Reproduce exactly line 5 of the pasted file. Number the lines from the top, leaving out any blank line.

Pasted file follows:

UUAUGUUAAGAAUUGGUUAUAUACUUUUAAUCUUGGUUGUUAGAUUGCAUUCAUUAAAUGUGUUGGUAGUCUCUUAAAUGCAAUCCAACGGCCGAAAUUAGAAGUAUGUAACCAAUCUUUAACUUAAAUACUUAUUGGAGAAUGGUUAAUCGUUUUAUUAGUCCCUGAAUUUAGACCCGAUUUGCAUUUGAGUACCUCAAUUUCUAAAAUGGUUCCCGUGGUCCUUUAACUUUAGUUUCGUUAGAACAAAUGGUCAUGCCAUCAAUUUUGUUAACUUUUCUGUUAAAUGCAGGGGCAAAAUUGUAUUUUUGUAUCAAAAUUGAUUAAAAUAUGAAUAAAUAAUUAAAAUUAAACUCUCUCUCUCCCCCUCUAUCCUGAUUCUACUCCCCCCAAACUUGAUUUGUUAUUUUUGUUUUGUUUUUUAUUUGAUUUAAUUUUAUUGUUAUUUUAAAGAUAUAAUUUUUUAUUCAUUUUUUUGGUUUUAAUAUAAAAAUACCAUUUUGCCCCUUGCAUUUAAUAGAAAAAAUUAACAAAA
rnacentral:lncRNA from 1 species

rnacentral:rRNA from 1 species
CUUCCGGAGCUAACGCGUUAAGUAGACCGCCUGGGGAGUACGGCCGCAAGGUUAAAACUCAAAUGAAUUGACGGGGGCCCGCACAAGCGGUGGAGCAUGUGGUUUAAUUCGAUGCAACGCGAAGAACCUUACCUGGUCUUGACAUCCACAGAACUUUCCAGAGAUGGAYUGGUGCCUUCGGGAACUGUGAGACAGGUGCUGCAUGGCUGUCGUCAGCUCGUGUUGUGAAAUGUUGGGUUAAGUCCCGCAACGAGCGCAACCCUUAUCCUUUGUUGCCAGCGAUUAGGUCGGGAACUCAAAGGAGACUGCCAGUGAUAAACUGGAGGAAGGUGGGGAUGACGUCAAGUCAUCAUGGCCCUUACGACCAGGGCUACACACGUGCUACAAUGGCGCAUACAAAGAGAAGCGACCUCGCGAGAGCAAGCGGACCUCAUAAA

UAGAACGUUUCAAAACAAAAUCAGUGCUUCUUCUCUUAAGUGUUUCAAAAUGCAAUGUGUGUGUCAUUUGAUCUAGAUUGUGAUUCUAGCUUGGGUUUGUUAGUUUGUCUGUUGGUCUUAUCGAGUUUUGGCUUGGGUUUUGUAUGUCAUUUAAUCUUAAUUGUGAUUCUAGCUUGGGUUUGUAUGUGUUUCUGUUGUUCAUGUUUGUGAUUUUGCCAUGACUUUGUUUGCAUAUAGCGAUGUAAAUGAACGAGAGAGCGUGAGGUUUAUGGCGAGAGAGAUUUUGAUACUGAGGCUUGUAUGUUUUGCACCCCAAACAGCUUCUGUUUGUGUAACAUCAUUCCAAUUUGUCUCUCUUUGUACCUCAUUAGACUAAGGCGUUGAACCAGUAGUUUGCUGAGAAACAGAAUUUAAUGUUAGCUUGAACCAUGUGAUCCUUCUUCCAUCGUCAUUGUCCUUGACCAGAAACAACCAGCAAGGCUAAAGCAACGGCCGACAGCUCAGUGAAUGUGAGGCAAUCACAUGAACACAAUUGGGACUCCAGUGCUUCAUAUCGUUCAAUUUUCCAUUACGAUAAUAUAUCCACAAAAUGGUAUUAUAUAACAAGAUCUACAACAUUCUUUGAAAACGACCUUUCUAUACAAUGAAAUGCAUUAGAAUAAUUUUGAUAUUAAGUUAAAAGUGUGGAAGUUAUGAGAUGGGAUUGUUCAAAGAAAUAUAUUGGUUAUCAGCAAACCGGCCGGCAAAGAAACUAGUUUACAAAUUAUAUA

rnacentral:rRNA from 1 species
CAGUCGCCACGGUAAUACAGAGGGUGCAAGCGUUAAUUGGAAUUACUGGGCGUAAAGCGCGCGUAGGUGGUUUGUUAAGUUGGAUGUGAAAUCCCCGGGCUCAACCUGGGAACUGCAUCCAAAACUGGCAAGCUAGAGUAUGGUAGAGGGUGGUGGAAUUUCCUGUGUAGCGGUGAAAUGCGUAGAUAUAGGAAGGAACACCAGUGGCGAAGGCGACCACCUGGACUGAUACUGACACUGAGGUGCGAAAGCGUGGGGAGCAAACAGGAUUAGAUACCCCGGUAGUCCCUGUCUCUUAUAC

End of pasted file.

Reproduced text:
UAGAACGUUUCAAAACAAAAUCAGUGCUUCUUCUCUUAAGUGUUUCAAAAUGCAAUGUGUGUGUCAUUUGAUCUAGAUUGUGAUUCUAGCUUGGGUUUGUUAGUUUGUCUGUUGGUCUUAUCGAGUUUUGGCUUGGGUUUUGUAUGUCAUUUAAUCUUAAUUGUGAUUCUAGCUUGGGUUUGUAUGUGUUUCUGUUGUUCAUGUUUGUGAUUUUGCCAUGACUUUGUUUGCAUAUAGCGAUGUAAAUGAACGAGAGAGCGUGAGGUUUAUGGCGAGAGAGAUUUUGAUACUGAGGCUUGUAUGUUUUGCACCCCAAACAGCUUCUGUUUGUGUAACAUCAUUCCAAUUUGUCUCUCUUUGUACCUCAUUAGACUAAGGCGUUGAACCAGUAGUUUGCUGAGAAACAGAAUUUAAUGUUAGCUUGAACCAUGUGAUCCUUCUUCCAUCGUCAUUGUCCUUGACCAGAAACAACCAGCAAGGCUAAAGCAACGGCCGACAGCUCAGUGAAUGUGAGGCAAUCACAUGAACACAAUUGGGACUCCAGUGCUUCAUAUCGUUCAAUUUUCCAUUACGAUAAUAUAUCCACAAAAUGGUAUUAUAUAACAAGAUCUACAACAUUCUUUGAAAACGACCUUUCUAUACAAUGAAAUGCAUUAGAAUAAUUUUGAUAUUAAGUUAAAAGUGUGGAAGUUAUGAGAUGGGAUUGUUCAAAGAAAUAUAUUGGUUAUCAGCAAACCGGCCGGCAAAGAAACUAGUUUACAAAUUAUAUA